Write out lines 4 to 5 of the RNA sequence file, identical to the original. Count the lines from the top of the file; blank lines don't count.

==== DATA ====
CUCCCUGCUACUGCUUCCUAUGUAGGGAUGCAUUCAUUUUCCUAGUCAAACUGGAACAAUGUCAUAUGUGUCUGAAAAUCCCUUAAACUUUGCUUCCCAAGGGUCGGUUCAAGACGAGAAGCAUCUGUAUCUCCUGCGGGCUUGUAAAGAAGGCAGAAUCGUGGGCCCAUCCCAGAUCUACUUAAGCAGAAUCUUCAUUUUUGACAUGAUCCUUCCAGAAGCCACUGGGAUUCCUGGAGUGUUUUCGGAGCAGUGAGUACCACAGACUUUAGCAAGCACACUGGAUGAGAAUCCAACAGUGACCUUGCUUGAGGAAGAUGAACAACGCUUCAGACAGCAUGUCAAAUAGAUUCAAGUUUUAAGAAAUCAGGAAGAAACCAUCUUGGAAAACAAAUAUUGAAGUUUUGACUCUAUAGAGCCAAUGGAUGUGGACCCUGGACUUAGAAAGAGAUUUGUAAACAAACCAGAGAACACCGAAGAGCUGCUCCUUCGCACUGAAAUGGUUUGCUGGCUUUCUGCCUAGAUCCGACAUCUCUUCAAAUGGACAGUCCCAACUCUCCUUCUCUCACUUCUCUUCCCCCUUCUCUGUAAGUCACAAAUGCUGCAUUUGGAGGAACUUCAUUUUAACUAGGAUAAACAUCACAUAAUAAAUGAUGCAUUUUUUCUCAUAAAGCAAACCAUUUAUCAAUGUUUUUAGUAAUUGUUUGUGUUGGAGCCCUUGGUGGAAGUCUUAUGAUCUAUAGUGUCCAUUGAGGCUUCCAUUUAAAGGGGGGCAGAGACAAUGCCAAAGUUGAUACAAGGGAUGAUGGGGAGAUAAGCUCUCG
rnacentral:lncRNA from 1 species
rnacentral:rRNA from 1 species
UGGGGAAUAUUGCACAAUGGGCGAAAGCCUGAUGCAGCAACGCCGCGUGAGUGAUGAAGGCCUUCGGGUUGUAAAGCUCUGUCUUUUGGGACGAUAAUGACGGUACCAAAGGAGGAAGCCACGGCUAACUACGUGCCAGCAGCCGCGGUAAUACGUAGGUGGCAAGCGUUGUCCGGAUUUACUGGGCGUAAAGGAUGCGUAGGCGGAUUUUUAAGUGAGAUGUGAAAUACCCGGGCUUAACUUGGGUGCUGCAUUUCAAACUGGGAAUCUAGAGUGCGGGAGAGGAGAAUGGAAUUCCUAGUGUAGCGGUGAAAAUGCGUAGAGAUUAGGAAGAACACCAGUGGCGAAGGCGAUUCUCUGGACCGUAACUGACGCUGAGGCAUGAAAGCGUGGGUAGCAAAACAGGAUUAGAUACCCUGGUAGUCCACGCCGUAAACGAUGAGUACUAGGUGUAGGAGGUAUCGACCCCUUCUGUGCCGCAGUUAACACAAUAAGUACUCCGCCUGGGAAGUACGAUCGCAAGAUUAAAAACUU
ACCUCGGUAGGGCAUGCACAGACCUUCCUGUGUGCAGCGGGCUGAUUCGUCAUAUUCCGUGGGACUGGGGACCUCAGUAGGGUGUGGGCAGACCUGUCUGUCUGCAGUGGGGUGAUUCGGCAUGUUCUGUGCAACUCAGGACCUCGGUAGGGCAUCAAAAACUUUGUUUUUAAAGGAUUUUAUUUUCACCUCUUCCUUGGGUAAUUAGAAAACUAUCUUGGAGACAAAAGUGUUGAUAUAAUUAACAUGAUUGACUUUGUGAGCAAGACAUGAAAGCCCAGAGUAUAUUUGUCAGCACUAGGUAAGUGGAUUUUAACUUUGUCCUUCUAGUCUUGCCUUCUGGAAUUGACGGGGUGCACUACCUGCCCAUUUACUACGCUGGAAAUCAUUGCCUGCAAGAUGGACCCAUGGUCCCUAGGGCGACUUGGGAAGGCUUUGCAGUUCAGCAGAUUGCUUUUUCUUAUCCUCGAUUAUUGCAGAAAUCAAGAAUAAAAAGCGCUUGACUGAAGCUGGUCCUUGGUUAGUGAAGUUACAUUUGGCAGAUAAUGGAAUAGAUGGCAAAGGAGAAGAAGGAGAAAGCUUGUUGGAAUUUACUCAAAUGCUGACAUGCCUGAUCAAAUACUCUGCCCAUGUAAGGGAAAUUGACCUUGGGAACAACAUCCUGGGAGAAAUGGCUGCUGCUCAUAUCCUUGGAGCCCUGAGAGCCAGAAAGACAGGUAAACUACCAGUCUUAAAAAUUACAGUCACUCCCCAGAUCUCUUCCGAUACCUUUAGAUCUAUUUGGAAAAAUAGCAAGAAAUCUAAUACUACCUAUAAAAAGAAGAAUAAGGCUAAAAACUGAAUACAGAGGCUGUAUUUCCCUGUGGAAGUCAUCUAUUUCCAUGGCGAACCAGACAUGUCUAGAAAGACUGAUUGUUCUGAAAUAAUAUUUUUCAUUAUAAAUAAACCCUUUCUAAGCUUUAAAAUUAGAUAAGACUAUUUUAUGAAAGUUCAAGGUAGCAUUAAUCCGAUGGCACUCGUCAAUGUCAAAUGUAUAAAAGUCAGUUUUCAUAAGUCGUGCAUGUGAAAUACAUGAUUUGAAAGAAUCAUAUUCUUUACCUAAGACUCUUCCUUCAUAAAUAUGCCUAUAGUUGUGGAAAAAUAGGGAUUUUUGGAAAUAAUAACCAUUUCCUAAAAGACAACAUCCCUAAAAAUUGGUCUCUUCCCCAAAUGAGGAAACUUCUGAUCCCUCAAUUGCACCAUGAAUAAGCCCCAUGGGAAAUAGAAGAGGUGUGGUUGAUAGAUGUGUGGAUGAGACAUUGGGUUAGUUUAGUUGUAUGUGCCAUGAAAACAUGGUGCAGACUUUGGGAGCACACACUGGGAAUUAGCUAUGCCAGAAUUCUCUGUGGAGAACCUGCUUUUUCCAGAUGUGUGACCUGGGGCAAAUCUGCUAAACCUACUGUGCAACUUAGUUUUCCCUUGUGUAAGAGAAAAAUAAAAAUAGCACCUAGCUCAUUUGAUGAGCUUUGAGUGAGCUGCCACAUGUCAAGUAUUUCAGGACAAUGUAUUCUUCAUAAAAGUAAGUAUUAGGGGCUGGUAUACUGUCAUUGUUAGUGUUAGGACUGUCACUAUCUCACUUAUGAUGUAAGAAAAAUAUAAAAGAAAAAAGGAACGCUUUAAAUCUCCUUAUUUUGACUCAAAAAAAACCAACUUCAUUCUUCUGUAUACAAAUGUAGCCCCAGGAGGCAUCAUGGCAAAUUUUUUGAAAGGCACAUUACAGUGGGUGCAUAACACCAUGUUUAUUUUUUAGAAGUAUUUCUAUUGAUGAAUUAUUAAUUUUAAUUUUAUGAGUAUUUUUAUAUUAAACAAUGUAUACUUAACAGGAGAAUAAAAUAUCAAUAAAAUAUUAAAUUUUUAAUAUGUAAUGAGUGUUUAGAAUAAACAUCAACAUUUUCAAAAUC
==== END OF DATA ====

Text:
UGGGGAAUAUUGCACAAUGGGCGAAAGCCUGAUGCAGCAACGCCGCGUGAGUGAUGAAGGCCUUCGGGUUGUAAAGCUCUGUCUUUUGGGACGAUAAUGACGGUACCAAAGGAGGAAGCCACGGCUAACUACGUGCCAGCAGCCGCGGUAAUACGUAGGUGGCAAGCGUUGUCCGGAUUUACUGGGCGUAAAGGAUGCGUAGGCGGAUUUUUAAGUGAGAUGUGAAAUACCCGGGCUUAACUUGGGUGCUGCAUUUCAAACUGGGAAUCUAGAGUGCGGGAGAGGAGAAUGGAAUUCCUAGUGUAGCGGUGAAAAUGCGUAGAGAUUAGGAAGAACACCAGUGGCGAAGGCGAUUCUCUGGACCGUAACUGACGCUGAGGCAUGAAAGCGUGGGUAGCAAAACAGGAUUAGAUACCCUGGUAGUCCACGCCGUAAACGAUGAGUACUAGGUGUAGGAGGUAUCGACCCCUUCUGUGCCGCAGUUAACACAAUAAGUACUCCGCCUGGGAAGUACGAUCGCAAGAUUAAAAACUU
ACCUCGGUAGGGCAUGCACAGACCUUCCUGUGUGCAGCGGGCUGAUUCGUCAUAUUCCGUGGGACUGGGGACCUCAGUAGGGUGUGGGCAGACCUGUCUGUCUGCAGUGGGGUGAUUCGGCAUGUUCUGUGCAACUCAGGACCUCGGUAGGGCAUCAAAAACUUUGUUUUUAAAGGAUUUUAUUUUCACCUCUUCCUUGGGUAAUUAGAAAACUAUCUUGGAGACAAAAGUGUUGAUAUAAUUAACAUGAUUGACUUUGUGAGCAAGACAUGAAAGCCCAGAGUAUAUUUGUCAGCACUAGGUAAGUGGAUUUUAACUUUGUCCUUCUAGUCUUGCCUUCUGGAAUUGACGGGGUGCACUACCUGCCCAUUUACUACGCUGGAAAUCAUUGCCUGCAAGAUGGACCCAUGGUCCCUAGGGCGACUUGGGAAGGCUUUGCAGUUCAGCAGAUUGCUUUUUCUUAUCCUCGAUUAUUGCAGAAAUCAAGAAUAAAAAGCGCUUGACUGAAGCUGGUCCUUGGUUAGUGAAGUUACAUUUGGCAGAUAAUGGAAUAGAUGGCAAAGGAGAAGAAGGAGAAAGCUUGUUGGAAUUUACUCAAAUGCUGACAUGCCUGAUCAAAUACUCUGCCCAUGUAAGGGAAAUUGACCUUGGGAACAACAUCCUGGGAGAAAUGGCUGCUGCUCAUAUCCUUGGAGCCCUGAGAGCCAGAAAGACAGGUAAACUACCAGUCUUAAAAAUUACAGUCACUCCCCAGAUCUCUUCCGAUACCUUUAGAUCUAUUUGGAAAAAUAGCAAGAAAUCUAAUACUACCUAUAAAAAGAAGAAUAAGGCUAAAAACUGAAUACAGAGGCUGUAUUUCCCUGUGGAAGUCAUCUAUUUCCAUGGCGAACCAGACAUGUCUAGAAAGACUGAUUGUUCUGAAAUAAUAUUUUUCAUUAUAAAUAAACCCUUUCUAAGCUUUAAAAUUAGAUAAGACUAUUUUAUGAAAGUUCAAGGUAGCAUUAAUCCGAUGGCACUCGUCAAUGUCAAAUGUAUAAAAGUCAGUUUUCAUAAGUCGUGCAUGUGAAAUACAUGAUUUGAAAGAAUCAUAUUCUUUACCUAAGACUCUUCCUUCAUAAAUAUGCCUAUAGUUGUGGAAAAAUAGGGAUUUUUGGAAAUAAUAACCAUUUCCUAAAAGACAACAUCCCUAAAAAUUGGUCUCUUCCCCAAAUGAGGAAACUUCUGAUCCCUCAAUUGCACCAUGAAUAAGCCCCAUGGGAAAUAGAAGAGGUGUGGUUGAUAGAUGUGUGGAUGAGACAUUGGGUUAGUUUAGUUGUAUGUGCCAUGAAAACAUGGUGCAGACUUUGGGAGCACACACUGGGAAUUAGCUAUGCCAGAAUUCUCUGUGGAGAACCUGCUUUUUCCAGAUGUGUGACCUGGGGCAAAUCUGCUAAACCUACUGUGCAACUUAGUUUUCCCUUGUGUAAGAGAAAAAUAAAAAUAGCACCUAGCUCAUUUGAUGAGCUUUGAGUGAGCUGCCACAUGUCAAGUAUUUCAGGACAAUGUAUUCUUCAUAAAAGUAAGUAUUAGGGGCUGGUAUACUGUCAUUGUUAGUGUUAGGACUGUCACUAUCUCACUUAUGAUGUAAGAAAAAUAUAAAAGAAAAAAGGAACGCUUUAAAUCUCCUUAUUUUGACUCAAAAAAAACCAACUUCAUUCUUCUGUAUACAAAUGUAGCCCCAGGAGGCAUCAUGGCAAAUUUUUUGAAAGGCACAUUACAGUGGGUGCAUAACACCAUGUUUAUUUUUUAGAAGUAUUUCUAUUGAUGAAUUAUUAAUUUUAAUUUUAUGAGUAUUUUUAUAUUAAACAAUGUAUACUUAACAGGAGAAUAAAAUAUCAAUAAAAUAUUAAAUUUUUAAUAUGUAAUGAGUGUUUAGAAUAAACAUCAACAUUUUCAAAAUC